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A Plea

More than 450 researchers from across the US and around the world have signed a letter to the Energy and Water Appropriations Subcommittee of the US Senate to ask that they sufficiently fund the country's scientific endeavors. As posted in the Cosmic Variance blog, researchers from California to China say that cutting science budgets would have a big impact on the both the long- and short-term competitiveness of the US. "The economic health and world leadership of this country depends on an unbroken cycle of innovation, rooted in our ability to attract and educate new waves of creative young scientists and engineers, each year," the letter states. "It is this cycle of innovation, whose continuation depends on funding for basic research, that drives both basic and applied sciences, and the creation of new technologies and treatments that define and improve the quality of everyday life." You never know which innovation will be the next one to change the world, or which young scientist will make the next important breakthrough, the researchers add. Cuts to the DOE's Office of Science, NSF, and the National Institute of Standards and Technology mean some research will have to stop immediately, and the cuts would affect everything from biotechnology to high-speed computing, to nuclear physics. Basic research motivates many young people to study science, the researchers write, adding, "As young scientists and our mentors, we ask that you make science a priority and fund basic research at a level that provides long term growth as an investment, both in our future and our nation's future."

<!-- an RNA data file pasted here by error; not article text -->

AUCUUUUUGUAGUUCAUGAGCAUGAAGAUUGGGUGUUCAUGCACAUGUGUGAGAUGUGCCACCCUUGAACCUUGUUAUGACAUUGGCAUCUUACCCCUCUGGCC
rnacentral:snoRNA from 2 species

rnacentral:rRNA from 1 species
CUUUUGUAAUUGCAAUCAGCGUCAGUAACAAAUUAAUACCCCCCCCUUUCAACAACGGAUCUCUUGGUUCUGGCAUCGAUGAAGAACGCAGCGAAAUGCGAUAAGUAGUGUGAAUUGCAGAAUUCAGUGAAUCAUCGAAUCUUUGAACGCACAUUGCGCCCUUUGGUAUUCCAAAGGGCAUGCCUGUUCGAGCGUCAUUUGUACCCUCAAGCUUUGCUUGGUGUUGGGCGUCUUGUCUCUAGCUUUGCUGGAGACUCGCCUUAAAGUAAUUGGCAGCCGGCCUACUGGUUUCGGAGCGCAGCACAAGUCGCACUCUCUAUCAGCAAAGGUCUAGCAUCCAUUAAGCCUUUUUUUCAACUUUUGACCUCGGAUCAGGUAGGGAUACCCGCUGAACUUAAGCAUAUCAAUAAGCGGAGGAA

The Scan

NFTs for Genome Sharing

Nature News writes that non-fungible tokens could be a way for people to profit from sharing genomic data.

Wastewater Warning System

Time magazine writes that cities and college campuses are monitoring sewage for SARS-CoV-2, an approach officials hope lasts beyond COVID-19.

Networks to Boost Surveillance

Scientific American writes that new organizations and networks aim to improve the ability of developing countries to conduct SARS-CoV-2 genomic surveillance.

Genome Biology Papers on Gastric Cancer Epimutations, BUTTERFLY, GUNC Tool

In Genome Biology this week: recurrent epigenetic mutations in gastric cancer, correction tool for unique molecular identifier-based assays, and more.